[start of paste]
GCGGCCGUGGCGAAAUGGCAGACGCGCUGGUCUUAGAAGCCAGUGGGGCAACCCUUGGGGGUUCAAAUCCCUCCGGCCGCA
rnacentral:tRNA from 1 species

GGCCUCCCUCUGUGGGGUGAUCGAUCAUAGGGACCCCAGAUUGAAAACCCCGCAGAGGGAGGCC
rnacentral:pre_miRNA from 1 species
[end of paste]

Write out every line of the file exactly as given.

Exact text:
GCGGCCGUGGCGAAAUGGCAGACGCGCUGGUCUUAGAAGCCAGUGGGGCAACCCUUGGGGGUUCAAAUCCCUCCGGCCGCA
rnacentral:tRNA from 1 species

GGCCUCCCUCUGUGGGGUGAUCGAUCAUAGGGACCCCAGAUUGAAAACCCCGCAGAGGGAGGCC
rnacentral:pre_miRNA from 1 species